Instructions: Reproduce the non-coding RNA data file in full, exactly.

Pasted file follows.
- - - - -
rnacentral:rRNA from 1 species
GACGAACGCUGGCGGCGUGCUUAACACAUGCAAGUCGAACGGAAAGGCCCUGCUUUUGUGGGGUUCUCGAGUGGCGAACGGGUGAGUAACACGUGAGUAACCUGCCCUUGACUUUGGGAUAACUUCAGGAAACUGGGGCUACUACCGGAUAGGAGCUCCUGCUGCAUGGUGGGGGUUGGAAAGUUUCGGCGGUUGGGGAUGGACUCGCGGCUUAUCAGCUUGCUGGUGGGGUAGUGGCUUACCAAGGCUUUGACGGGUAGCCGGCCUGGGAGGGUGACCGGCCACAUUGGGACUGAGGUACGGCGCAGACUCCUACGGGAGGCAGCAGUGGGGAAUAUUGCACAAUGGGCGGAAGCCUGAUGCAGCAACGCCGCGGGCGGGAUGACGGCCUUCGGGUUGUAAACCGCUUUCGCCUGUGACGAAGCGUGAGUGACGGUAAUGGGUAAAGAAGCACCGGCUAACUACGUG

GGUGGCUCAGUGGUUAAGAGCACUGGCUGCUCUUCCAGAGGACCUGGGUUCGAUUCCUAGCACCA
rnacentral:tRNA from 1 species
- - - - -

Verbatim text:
rnacentral:rRNA from 1 species
GACGAACGCUGGCGGCGUGCUUAACACAUGCAAGUCGAACGGAAAGGCCCUGCUUUUGUGGGGUUCUCGAGUGGCGAACGGGUGAGUAACACGUGAGUAACCUGCCCUUGACUUUGGGAUAACUUCAGGAAACUGGGGCUACUACCGGAUAGGAGCUCCUGCUGCAUGGUGGGGGUUGGAAAGUUUCGGCGGUUGGGGAUGGACUCGCGGCUUAUCAGCUUGCUGGUGGGGUAGUGGCUUACCAAGGCUUUGACGGGUAGCCGGCCUGGGAGGGUGACCGGCCACAUUGGGACUGAGGUACGGCGCAGACUCCUACGGGAGGCAGCAGUGGGGAAUAUUGCACAAUGGGCGGAAGCCUGAUGCAGCAACGCCGCGGGCGGGAUGACGGCCUUCGGGUUGUAAACCGCUUUCGCCUGUGACGAAGCGUGAGUGACGGUAAUGGGUAAAGAAGCACCGGCUAACUACGUG

GGUGGCUCAGUGGUUAAGAGCACUGGCUGCUCUUCCAGAGGACCUGGGUUCGAUUCCUAGCACCA
rnacentral:tRNA from 1 species